Once we had our luggage we went exploring for a place to have lunch. Keep in mind that Santorini has steep hills. We first started down the hill from our hotel and when we didn’t see any open cafes or restaurants we turned around and headed up the hill along the footpath.
We finally reached our destination at the top of the hill and the restaurant was closed! So we walked down the hill along the road and found a cafe/market where we had a delicious lunch and also ran into several groups from our tour! After eating we walked back to our hotel and got in line to take our PCR COVID test. We needed to have a negative result to get on the plane and into the United States. After getting swabbed we took a cab up to Oia which is famous for its sunsets and the blue dome churches. It is located on the northwestern tip of Santorini and overlooks the caldera filled with water. The weather was good so we decided to spend the evening there.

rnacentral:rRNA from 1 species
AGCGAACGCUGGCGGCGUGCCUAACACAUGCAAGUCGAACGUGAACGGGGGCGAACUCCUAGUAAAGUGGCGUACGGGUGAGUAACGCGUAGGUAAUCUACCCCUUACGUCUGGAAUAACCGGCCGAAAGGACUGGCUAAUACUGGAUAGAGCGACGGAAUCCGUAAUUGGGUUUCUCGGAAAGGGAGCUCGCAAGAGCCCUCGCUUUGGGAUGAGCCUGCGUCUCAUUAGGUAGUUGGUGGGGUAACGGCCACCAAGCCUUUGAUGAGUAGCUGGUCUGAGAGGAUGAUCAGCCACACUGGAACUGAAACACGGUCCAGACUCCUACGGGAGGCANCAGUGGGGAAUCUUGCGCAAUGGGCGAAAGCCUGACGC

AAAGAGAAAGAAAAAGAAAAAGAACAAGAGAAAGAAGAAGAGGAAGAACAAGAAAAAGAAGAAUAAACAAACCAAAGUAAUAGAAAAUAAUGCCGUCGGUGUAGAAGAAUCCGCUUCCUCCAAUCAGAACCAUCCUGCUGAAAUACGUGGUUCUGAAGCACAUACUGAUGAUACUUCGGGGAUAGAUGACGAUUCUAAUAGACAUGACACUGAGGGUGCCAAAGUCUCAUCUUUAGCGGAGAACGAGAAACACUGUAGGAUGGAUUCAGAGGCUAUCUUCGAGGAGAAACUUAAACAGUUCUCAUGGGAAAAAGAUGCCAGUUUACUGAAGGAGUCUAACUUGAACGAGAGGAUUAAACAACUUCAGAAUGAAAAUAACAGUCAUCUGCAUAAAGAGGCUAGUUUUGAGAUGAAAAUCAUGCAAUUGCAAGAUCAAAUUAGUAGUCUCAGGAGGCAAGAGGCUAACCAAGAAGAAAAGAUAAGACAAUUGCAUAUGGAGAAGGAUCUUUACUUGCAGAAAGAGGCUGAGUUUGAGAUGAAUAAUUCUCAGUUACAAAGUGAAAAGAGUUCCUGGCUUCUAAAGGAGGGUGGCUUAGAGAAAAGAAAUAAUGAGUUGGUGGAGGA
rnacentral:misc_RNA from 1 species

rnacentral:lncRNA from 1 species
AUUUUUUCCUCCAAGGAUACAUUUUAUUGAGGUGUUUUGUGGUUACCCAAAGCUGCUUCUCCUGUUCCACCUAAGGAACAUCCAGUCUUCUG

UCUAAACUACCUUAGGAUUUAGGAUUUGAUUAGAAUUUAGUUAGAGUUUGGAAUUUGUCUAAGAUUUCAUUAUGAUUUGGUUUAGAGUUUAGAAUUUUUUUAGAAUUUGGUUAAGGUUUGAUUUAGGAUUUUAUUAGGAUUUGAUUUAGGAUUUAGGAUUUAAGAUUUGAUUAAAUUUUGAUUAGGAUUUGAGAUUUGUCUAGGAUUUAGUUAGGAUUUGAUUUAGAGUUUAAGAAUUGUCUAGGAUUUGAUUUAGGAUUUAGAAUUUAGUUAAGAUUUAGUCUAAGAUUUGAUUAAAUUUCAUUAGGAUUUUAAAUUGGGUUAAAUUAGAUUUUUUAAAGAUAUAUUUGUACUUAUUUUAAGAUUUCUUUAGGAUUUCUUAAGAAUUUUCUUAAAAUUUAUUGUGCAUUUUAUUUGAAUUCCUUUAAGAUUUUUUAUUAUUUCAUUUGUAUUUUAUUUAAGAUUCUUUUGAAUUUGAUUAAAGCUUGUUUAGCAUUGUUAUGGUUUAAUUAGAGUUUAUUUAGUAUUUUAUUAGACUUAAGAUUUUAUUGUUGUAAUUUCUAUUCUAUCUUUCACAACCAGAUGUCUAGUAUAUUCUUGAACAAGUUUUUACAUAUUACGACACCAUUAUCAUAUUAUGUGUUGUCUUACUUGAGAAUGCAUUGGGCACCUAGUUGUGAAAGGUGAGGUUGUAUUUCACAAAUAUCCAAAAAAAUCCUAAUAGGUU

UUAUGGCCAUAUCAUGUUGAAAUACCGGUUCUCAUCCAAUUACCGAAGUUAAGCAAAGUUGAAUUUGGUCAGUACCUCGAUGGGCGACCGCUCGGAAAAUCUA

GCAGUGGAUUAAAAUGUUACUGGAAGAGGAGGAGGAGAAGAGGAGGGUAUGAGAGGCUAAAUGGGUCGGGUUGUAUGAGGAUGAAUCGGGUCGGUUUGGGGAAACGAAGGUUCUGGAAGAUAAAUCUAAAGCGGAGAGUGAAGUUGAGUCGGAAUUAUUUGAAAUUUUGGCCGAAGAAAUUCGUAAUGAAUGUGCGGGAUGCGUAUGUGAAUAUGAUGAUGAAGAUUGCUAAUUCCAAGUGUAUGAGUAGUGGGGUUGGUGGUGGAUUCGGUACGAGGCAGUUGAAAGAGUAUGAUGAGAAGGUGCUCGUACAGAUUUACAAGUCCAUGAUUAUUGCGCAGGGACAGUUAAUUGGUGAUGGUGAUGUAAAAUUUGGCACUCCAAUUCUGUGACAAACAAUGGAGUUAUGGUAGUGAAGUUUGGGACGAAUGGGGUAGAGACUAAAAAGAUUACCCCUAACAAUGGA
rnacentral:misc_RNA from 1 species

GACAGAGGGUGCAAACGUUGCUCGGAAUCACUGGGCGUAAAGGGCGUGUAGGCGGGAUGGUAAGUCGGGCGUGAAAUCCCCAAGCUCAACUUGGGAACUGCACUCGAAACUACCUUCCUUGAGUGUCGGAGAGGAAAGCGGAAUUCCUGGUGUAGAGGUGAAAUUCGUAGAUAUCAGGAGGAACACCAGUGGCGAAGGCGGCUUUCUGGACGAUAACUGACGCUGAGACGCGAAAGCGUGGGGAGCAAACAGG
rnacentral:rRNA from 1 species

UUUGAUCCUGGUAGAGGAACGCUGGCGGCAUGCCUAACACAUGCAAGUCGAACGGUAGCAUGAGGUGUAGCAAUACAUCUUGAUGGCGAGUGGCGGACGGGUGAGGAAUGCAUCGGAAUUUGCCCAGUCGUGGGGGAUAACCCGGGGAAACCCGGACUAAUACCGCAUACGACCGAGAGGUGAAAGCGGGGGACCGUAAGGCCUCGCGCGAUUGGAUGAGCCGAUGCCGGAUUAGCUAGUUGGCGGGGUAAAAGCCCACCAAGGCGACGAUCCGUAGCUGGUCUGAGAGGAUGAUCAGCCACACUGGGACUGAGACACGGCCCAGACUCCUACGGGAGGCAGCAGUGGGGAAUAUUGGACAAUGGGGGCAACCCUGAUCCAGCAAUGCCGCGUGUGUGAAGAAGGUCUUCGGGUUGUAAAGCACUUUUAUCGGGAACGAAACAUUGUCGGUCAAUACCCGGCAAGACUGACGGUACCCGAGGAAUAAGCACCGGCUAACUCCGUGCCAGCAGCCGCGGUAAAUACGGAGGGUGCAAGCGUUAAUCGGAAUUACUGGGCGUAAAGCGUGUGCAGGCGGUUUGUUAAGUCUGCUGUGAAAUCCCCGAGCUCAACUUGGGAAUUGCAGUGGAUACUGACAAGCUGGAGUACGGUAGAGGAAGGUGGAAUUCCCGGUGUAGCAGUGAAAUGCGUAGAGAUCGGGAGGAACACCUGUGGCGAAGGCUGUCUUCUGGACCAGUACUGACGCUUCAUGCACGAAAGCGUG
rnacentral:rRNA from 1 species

The sunset was beautiful and we were mesmerized watching the sun go down.
When we got back to the hotel we relaxed for the rest of the evening because we were tired from the early morning flight and all of the walking up and down hills. Tomorrow we will tour the island!
Today we visited the Acropolis Museum. It was really interesting because when the city excavated the land they found an entire neighborhood beneath the museum.
From the second floor of the museum you can see the Acropolis.
We weren’t permitted to take pictures of the Archaic Acropolis Gallery in the museum. You can look up this gallery online and see photos of the collection.